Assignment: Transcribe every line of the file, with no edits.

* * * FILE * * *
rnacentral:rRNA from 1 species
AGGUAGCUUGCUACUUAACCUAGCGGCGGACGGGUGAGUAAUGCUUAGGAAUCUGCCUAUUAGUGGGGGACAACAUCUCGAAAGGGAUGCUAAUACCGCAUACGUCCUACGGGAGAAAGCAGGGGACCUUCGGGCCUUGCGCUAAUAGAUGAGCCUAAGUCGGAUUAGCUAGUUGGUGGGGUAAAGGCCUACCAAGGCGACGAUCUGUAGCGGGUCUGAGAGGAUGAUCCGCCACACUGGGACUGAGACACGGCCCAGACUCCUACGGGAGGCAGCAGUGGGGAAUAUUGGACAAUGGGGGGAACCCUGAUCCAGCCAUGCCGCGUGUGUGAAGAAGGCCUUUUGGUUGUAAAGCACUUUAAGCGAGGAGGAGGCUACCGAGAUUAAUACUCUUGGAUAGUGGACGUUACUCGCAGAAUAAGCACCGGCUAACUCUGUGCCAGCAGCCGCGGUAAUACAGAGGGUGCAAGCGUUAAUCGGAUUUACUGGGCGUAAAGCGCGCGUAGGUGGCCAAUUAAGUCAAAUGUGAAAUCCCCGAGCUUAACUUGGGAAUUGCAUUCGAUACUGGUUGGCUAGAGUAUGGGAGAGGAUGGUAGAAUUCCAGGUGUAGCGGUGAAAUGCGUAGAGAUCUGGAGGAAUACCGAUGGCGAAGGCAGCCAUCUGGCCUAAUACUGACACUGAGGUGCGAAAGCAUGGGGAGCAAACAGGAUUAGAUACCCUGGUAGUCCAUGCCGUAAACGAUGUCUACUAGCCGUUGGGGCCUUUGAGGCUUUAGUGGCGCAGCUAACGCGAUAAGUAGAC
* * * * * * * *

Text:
rnacentral:rRNA from 1 species
AGGUAGCUUGCUACUUAACCUAGCGGCGGACGGGUGAGUAAUGCUUAGGAAUCUGCCUAUUAGUGGGGGACAACAUCUCGAAAGGGAUGCUAAUACCGCAUACGUCCUACGGGAGAAAGCAGGGGACCUUCGGGCCUUGCGCUAAUAGAUGAGCCUAAGUCGGAUUAGCUAGUUGGUGGGGUAAAGGCCUACCAAGGCGACGAUCUGUAGCGGGUCUGAGAGGAUGAUCCGCCACACUGGGACUGAGACACGGCCCAGACUCCUACGGGAGGCAGCAGUGGGGAAUAUUGGACAAUGGGGGGAACCCUGAUCCAGCCAUGCCGCGUGUGUGAAGAAGGCCUUUUGGUUGUAAAGCACUUUAAGCGAGGAGGAGGCUACCGAGAUUAAUACUCUUGGAUAGUGGACGUUACUCGCAGAAUAAGCACCGGCUAACUCUGUGCCAGCAGCCGCGGUAAUACAGAGGGUGCAAGCGUUAAUCGGAUUUACUGGGCGUAAAGCGCGCGUAGGUGGCCAAUUAAGUCAAAUGUGAAAUCCCCGAGCUUAACUUGGGAAUUGCAUUCGAUACUGGUUGGCUAGAGUAUGGGAGAGGAUGGUAGAAUUCCAGGUGUAGCGGUGAAAUGCGUAGAGAUCUGGAGGAAUACCGAUGGCGAAGGCAGCCAUCUGGCCUAAUACUGACACUGAGGUGCGAAAGCAUGGGGAGCAAACAGGAUUAGAUACCCUGGUAGUCCAUGCCGUAAACGAUGUCUACUAGCCGUUGGGGCCUUUGAGGCUUUAGUGGCGCAGCUAACGCGAUAAGUAGAC